And so the Spring Servitization Conference (SSC) of 2019 comes to an end. The conference has come a long way since it’s humble beginning nine years ago, when it started life as a workshop at Aston Business School, and focused on finalising the research insights for our book ‘Made to Serve’. On the conclusion of this year’s event, I find myself reflecting on why the conference was created, how it has developed, and how the research community and the topics they are interested in have matured.
SSC was created to build and formalise a research community around servitization, and to genuinely support and accelerate academic endeavour in this area. Servitization is a topic which, for a variety of reasons, is not well served by the focus and processes of traditional academic conferences. Partially this is because servitization is, by its very nature, a topic which cuts across disciplines, whereas academic conferences tend to sit within these. This means that conventionally scholars in marketing are unlikely to meet their counterparts in operations, technologies, finance, or economics. Yet to properly progress servitization necessitates engagement across these areas. Similarly, while traditional conferences can attract several hundred people, their system of multiple tracks can easily mean that more disparate topics such as servitization tend to be poorly supported. All too often servitization researchers find themselves presenting to just a few people, while any keynotes they may attend tend to be generic or even irrelevant. So, all in all, a largely unsatisfactory ‘outcome’ if you are a servitization scholar.
SSC was designed to overcome such limitations: It is entirely focused on servitization, attracting scholars from across disciplines, arranged around a single track where presenters speak to the whole community, and coupled with highly relevant industrial keynotes. All papers undergo a full two- stage review process, carried out by a scientific committee from the field. In addition, the conference embraces panel sessions in which all presenters participate, where the questions are captured from the audience digitally and logged for future use. There is also a highly engaging poster session for more emergent research, which is attended by both academic and industrial contributors.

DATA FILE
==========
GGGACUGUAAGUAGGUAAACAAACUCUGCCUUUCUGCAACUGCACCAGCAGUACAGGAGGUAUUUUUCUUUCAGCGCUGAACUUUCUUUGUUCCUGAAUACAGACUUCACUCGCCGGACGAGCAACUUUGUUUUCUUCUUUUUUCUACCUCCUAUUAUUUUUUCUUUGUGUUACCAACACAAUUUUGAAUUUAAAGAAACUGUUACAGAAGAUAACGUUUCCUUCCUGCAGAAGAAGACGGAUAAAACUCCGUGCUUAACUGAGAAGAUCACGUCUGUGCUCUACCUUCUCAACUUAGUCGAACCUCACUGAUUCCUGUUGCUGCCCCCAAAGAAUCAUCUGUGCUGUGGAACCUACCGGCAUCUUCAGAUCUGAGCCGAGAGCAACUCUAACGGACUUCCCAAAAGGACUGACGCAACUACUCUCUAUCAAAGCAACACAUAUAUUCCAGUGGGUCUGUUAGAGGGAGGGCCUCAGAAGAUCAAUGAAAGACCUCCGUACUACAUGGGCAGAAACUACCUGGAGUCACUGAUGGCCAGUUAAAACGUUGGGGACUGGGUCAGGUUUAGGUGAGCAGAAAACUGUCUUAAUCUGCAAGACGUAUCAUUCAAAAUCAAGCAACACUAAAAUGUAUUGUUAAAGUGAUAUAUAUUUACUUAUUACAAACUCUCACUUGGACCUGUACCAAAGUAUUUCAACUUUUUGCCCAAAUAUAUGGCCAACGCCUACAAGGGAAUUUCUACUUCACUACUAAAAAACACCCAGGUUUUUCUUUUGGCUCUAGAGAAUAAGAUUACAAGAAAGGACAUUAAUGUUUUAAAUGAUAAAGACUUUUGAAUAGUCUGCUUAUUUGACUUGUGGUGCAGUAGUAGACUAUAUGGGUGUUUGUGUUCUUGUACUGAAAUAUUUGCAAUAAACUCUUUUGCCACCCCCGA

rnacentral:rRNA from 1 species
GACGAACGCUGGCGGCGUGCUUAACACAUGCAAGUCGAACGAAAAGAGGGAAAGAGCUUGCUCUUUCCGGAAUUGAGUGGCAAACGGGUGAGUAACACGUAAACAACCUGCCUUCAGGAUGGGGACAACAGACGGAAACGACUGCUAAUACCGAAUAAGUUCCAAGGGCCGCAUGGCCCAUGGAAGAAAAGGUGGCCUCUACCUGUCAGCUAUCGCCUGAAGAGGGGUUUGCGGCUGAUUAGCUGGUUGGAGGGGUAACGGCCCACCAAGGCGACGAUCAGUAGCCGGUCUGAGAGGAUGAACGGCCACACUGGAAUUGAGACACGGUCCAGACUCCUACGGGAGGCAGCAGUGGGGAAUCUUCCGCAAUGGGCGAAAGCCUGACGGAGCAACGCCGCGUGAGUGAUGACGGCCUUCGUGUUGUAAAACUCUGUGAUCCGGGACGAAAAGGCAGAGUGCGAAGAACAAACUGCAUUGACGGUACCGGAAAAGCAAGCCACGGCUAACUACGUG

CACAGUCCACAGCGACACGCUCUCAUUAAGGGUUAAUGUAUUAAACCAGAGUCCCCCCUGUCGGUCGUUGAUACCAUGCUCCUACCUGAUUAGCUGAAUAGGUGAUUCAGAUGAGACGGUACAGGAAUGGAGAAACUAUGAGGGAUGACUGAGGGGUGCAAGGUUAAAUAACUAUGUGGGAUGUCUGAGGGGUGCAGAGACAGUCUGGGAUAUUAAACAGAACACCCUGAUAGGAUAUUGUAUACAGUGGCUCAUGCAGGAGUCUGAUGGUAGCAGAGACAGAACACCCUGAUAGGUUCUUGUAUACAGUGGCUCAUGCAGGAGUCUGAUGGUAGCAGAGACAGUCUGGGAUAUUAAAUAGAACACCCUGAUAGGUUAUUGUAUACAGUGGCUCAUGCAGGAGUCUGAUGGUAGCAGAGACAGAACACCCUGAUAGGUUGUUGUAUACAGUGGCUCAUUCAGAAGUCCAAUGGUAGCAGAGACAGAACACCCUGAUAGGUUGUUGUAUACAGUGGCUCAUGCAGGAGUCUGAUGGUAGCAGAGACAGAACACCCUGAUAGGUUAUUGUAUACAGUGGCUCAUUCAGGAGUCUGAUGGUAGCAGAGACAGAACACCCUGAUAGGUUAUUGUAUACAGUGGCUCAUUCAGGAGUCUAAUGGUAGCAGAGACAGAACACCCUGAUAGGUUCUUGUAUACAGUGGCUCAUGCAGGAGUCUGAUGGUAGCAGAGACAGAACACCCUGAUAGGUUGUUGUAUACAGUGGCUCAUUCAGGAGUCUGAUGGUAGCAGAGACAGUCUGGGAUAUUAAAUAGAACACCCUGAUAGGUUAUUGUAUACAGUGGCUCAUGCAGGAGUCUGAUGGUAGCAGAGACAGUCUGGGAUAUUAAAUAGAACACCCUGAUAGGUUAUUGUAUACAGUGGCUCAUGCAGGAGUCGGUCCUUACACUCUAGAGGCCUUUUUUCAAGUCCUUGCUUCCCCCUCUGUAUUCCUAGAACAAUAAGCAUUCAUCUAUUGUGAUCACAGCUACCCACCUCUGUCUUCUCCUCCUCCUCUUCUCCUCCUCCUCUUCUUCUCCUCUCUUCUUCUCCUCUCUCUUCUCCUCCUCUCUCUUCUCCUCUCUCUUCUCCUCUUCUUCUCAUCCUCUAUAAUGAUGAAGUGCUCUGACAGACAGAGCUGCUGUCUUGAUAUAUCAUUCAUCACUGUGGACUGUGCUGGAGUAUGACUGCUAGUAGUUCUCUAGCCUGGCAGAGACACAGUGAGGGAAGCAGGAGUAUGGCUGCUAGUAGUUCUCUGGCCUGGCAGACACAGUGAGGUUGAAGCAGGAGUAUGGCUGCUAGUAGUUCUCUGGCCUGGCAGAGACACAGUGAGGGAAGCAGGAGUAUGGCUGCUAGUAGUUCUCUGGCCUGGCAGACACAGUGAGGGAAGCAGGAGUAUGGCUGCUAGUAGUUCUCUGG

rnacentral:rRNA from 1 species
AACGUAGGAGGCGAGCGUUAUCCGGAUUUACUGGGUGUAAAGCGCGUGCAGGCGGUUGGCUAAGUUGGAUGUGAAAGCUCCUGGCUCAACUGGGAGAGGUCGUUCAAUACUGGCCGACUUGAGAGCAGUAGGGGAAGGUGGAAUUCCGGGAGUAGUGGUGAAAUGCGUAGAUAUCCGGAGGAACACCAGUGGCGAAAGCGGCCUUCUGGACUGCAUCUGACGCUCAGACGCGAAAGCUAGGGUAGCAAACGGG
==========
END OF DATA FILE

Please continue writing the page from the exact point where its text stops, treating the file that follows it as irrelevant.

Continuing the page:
For these reasons, SSC has become the largest international gathering of researchers interested in servitization. The conference in 2019 was held at Linköping University, organised by Christian Kowalkowski and Ali Bigdeli, and attracted 85 scholars and six keynote presentations. This year, a major focus was on ‘digital servitization’, a term unheard of eight years ago, and it was accompanied by papers on finance and investment. By contrast, much less attention is now given to definitional papers, and papers looking at the motivations for servitization. Yet, there is still much to do in this field of servitization.
What might be the future for servitization research and SSC? To answer this, it is interesting to reflect on how the ideas around industry 4.0 are currently topical for many conferences. Industry 4.0 is an assessment of industrial maturity based around technological innovation – we are entering a new era of digital connectivity and leaving behind steam power. Yet, the focus is fundamentally on the manufacture of products, while the world’s growth in Gross Domestic Products is from services. So what comes beyond Industry 4.0? It may sound bold, but the servitization community is in the foothills of defining the next industrial revolution, and SSC is enabling this debate to emerge and this is ranging much wider than technological innovation.
Moving forwards, SSC will continue to draw together the economic, social, and technological research that will progress servitization. It will itself continue to innovate and extend the community, and deliver an environment that truly supports academic endeavour.
In 2020 the Spring Servitization Conference will once again return to Birmingham. We are already very much looking forward to welcoming the community of servitization scholars and practitioners to our hometown – and home-University – to share the latest research and insights in our field of servitization.
Our friends and hosts at Linköping University have made the keynote speeches available for download: https://liu.se/en/news-item/stora-utmaningar-nar-tjanster-forvandlar-industrin